Type record to start reversible-debugging.

(gdb) record

You can use reverse commands to go backward, for example:

reverse-next (rn) – step the program backward, run through subroutine calls

reverse-nexti (rni) – step backward one instruction, but run through called subroutines

reverse-step (rs) – step the program backward until it reaches the beginning of a previous source line

reverse-step (rsi) – step backward one instruction

reverse-continue (rc) – continue the program but run it in reverse

reverse-finish (rf) – execute the program backward until just before the point the memory changes

The challenge is that in most cases, you can’t predict when the program faults, which means that you may have to run (and record) the program repeatedly until it eventually stalls.

Some GDB commands can help you out here.

Breakpoints and watchpoints work in reverse, which can help you, for example, to continue directly to a previous point in the program at which specific variable changes. Reverse watchpoints can be incredibly powerful. I know of several instances of bugs that alluded a developer for months or even years that were solved in a few hours with the power of reverse watchpoints.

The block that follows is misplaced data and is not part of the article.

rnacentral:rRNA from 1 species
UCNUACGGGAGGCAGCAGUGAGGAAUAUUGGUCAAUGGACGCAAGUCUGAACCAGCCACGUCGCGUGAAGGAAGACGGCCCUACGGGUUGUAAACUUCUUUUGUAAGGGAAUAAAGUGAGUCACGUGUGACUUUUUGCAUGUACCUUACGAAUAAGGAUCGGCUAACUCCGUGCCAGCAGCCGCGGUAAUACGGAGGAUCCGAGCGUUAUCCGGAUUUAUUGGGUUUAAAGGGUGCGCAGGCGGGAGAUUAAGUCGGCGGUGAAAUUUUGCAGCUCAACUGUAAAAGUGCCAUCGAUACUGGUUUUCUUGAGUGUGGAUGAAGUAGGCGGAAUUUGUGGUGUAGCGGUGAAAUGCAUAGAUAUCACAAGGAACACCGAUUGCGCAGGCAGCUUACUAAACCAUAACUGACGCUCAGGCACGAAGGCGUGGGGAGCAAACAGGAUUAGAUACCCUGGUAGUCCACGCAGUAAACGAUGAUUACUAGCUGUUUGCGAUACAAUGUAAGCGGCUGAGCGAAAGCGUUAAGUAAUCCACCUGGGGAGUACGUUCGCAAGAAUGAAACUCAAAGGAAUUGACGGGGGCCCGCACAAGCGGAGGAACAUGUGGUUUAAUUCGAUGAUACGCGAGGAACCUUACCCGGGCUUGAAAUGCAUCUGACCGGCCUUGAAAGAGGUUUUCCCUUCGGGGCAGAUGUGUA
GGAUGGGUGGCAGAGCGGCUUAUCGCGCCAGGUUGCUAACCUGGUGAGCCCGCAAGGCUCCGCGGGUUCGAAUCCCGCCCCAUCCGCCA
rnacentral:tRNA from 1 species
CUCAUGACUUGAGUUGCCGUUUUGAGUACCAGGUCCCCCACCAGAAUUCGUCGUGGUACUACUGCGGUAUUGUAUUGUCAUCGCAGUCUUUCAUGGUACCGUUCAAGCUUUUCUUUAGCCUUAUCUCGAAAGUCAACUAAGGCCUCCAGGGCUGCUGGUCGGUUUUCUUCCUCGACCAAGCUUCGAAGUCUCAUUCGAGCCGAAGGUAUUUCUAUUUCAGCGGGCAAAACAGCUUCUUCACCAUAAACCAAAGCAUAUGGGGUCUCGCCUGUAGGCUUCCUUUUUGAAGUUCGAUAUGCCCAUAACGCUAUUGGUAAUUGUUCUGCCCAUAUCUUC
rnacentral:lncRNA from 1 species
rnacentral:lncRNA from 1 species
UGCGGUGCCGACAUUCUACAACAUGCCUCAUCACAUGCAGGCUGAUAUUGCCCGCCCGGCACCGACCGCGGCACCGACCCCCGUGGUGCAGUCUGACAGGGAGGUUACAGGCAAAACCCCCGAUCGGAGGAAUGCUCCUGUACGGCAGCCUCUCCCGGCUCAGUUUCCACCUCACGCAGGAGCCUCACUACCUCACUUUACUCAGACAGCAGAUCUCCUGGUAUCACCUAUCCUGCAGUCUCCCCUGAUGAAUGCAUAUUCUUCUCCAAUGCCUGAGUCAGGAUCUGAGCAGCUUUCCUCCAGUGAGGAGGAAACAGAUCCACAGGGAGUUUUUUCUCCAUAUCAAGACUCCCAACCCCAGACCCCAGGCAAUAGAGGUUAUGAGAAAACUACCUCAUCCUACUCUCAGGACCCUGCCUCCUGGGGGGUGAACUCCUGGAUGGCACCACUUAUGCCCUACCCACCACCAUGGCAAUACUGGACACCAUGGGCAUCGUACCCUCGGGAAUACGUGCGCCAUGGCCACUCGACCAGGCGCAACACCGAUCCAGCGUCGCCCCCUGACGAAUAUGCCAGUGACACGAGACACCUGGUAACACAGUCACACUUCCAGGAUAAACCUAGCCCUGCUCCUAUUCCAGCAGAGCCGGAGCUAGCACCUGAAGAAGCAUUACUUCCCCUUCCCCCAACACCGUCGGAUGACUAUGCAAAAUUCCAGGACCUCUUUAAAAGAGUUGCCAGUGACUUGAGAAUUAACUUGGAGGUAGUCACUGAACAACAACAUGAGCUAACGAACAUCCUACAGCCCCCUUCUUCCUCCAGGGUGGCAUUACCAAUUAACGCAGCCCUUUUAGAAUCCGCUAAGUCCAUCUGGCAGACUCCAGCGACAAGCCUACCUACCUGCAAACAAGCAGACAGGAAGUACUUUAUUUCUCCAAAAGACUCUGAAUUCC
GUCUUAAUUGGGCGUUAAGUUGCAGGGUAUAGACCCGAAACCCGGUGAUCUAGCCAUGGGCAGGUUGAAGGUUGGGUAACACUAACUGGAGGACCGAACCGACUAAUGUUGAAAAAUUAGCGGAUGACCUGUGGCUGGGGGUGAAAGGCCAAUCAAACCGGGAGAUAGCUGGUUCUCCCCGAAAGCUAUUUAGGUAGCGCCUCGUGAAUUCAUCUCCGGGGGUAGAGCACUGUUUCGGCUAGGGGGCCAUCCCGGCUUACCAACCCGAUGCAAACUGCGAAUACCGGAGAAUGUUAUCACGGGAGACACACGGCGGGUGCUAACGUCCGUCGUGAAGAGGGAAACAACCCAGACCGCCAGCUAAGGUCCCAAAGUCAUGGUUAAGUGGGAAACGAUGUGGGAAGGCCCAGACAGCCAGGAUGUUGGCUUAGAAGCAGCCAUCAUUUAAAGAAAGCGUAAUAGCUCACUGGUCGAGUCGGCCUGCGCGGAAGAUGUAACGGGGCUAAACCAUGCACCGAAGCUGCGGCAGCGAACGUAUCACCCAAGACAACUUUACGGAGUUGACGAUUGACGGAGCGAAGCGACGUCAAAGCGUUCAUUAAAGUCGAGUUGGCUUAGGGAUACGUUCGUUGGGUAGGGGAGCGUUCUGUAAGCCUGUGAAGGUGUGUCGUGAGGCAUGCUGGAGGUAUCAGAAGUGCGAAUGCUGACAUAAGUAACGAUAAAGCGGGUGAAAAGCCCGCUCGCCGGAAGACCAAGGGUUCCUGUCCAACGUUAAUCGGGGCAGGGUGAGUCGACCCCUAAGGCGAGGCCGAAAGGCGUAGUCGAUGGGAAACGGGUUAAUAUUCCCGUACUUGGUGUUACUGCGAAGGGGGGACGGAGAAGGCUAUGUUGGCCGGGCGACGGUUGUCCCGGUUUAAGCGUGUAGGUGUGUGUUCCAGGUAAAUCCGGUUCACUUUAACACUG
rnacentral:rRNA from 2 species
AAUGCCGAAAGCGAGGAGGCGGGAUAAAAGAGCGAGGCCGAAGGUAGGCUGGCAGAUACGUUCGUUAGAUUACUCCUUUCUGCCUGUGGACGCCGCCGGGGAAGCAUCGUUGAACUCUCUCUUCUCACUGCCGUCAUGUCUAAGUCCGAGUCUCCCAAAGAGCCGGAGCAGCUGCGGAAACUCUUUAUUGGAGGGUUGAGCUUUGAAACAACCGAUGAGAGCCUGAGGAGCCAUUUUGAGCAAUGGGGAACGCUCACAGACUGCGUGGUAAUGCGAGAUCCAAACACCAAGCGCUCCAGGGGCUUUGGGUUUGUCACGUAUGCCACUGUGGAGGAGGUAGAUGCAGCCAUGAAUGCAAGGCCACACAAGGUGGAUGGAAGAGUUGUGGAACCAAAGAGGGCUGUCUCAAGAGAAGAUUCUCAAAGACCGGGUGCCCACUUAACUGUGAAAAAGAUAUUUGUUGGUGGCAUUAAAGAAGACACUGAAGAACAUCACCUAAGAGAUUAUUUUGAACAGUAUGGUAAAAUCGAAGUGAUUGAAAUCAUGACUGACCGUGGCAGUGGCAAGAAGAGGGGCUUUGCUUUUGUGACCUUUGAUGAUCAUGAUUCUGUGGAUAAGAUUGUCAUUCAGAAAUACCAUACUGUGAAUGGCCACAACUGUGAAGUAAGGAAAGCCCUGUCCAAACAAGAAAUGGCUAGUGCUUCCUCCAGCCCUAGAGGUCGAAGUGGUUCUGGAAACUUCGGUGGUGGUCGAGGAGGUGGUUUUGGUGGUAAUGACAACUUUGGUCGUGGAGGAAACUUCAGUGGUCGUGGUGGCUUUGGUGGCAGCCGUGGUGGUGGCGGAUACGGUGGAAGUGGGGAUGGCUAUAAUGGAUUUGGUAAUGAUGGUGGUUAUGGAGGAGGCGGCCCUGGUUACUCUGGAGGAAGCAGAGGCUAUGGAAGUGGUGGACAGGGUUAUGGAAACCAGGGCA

Another cool GDB thing is that you can trigger a command (or series of commands) when the program hits a breakpoint.

Type command [breakpoint #], where [breakpoint #] is the identifier for your breakpoint.

command 1
Type commands for breakpoint(s) 1, one per line.
End with a line saying just "end".

In this video, I demonstrate live on stage reversible-debugging in GDB. Check it out, it shows you step-by-step (in reverse) how to trace a fault in my program.


UDB Time Travel Debugger
Step backwards in time in your program to view registers and memory with a Time Travel Debugger
Learn more »

That’s it.

I shared five easy ways to reduce your debugging hours. Perhaps a little overwhelming now, but the good news is that you don’t have to adopt all at once. That probably would have the opposite effect. Sometimes little tweaks to your usual debugging habits and routines can already make a big difference. Just start with small steps.

Take your time to read the different tutorials and watch the videos that I shared in this article and adopt the things that you feel can improve your debugging. And, make sure to share your takeaways with your project members and organization so everyone benefits.

Don’t miss my next C++ debugging tutorial: sign up to my WatchPoint mailing list below.